Properties
A property in a device is a way to store arbitrary data, i.e., store device configuration, latest device state, or any other data required for the use case. Defining a property inside a Product Profile allow:
  • Automatic device property update from MQTT topic or IOTMP device resource for devices associated to the product
  • Setting a default value for devices that did not updated the value yet
  • Data preprocessing before its use for the property, i.e., modify measurement units, filter undesired data, etc.
For the Shelly Plug S device example, we will define two different properties to store the latest device state. Shelly Plug S can connect to a MQTT broker, and once connected, it periodically send information like temperature, relay state, real-time power consumption, available updates, etc. In this example, we will use the current power consumption and the rely sate, so, power and relay, are defined as device properties, as shown in the following picture:
Properties definition for Shelly Plug S SmartPlug
Both properties are updated from the following device topics:
  • power is updated from topic shellies/{{device}}/relay/0/power
  • relay is updated from topic shellies/{{device}}/relay/0
To configure the properties in the product profile, just click on Add on the properties section. On the dialog, enter the property identifier (i.e., power or relay), select the Device Topic source, fill the Topic, and configure the payload, as shown in the following picture:
By default, the payload established on the property is{{payload}}, which is a placeholder that will be replaced with the contents received from the configured source. In this case, from the MQTT topic configured. So, any information that is received there is saved automatically in each device property. Cool!
The information about topics and payloads, can be usually obtained from the vendor documentation. In Thinger.io, we can even use the device inspector feature, where it is possible to sniff any MQTT packet sent by the device. For example, the captured packet for the relay topic is as the following:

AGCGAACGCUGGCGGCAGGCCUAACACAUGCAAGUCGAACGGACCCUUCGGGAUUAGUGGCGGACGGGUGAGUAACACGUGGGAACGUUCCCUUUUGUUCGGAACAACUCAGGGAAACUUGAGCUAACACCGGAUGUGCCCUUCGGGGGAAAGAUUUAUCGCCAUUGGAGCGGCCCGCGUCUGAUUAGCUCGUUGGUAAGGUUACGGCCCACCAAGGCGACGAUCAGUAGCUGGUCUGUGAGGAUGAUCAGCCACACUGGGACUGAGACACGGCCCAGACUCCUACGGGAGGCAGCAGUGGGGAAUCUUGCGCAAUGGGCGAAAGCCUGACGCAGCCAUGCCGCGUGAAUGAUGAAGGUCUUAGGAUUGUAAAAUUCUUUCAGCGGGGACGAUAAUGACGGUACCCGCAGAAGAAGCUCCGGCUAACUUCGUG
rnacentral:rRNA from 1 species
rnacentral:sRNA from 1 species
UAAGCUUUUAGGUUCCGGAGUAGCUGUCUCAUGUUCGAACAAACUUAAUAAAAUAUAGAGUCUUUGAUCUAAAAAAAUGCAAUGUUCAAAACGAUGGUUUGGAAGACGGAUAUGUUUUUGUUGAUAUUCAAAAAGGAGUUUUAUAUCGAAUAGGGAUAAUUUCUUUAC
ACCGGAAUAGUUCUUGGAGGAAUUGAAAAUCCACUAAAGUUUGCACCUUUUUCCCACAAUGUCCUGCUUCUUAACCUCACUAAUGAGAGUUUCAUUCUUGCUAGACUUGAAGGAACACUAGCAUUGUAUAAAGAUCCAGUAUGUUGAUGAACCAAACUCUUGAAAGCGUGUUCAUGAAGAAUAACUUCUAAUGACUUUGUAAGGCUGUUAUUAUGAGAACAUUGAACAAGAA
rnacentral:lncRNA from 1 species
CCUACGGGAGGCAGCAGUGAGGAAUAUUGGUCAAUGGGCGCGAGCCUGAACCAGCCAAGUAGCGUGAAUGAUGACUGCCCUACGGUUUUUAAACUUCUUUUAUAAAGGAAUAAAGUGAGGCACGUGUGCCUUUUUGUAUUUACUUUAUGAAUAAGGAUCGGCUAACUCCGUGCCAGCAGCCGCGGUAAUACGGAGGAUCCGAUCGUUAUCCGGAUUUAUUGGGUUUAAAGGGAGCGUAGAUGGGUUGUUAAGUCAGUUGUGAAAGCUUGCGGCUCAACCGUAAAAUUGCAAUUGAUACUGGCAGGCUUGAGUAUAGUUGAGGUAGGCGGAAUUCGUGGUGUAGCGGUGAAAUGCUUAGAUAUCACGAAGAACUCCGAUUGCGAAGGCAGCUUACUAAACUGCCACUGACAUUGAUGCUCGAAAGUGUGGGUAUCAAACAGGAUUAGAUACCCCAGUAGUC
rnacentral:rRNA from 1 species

MQTT message captured from device event inspector
Notice here that publish topic from the device is shellies/shellyplug-s-0C5F11/relay/0 while the topic used in the configuration is shellies/{{device}}/relay/0. In this case, it is used a placeholder with the device name, so it can capture any device identifier, but it is possible to use the standard single-level MQTT wildcard '+' like shellies/+/relay/0.
Use topic placeholders like {{device}} or single-level wildcards (+) to capture data from multiple devices.
Moreover, the payload sent by the device to report the relay state is just a raw 'on' or 'off'. The bytes 111 and 110 are indicating that the relay is 'on'. This payload is not a valid JSON that we can use easily on dashboards or REST APIs, so, we need to convert them to a valid JSON representation, i.e., to a boolean.
This is where Product Scripts come into play. Product scripts will be described further in following sections, but basically, it is possible to write custom Javascript/NodeJS code to process or transform payloads. Taking into account the 'on' 'off' raw payload sent by the device, it is possible to create a function that converts it to a boolean, for example:
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function toBoolean(value){
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return value == "on" ? true : false;
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}
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This code can be easily modified inside the Product Script section on the Product Profile.
Product script example for transforming payloads
To use this function it is only required to reference it when configuring the payload. In this case, it is used : to indicate that the payload must be replaced with the contents returned from the function name specified in the following.
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{{payload:toBoolean}}
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This way, the toBoolean function is called with the payload contents, and the final payload will be replaced with the value returned by the function. This configuration must be placed inside the Payload configuration on the Property dialog, as shown in the following picture:
If your device transmits its payload directly on JSON, then, it is not required to create processing functions, unless you want to customize the fields, change measurement units, etc. In the Shelly device used in the example, the power consumption is sent just as a number, i.e., '6.6', that it is a valid JSON value. So, it will display normally on the device inspector. In this case, the payload does not require processing.
MQTT message captured from device event inspector (no processing required)
After this configuration is done, any device attached to the product will start to receive updates on its properties automatically. For example, the Shelly product is updating both power and relay of a connected device. Moreover, our relay property is keeping true/false after processing its payload with the toBoolean function described above.
Example of device properties updated from Product configuration.

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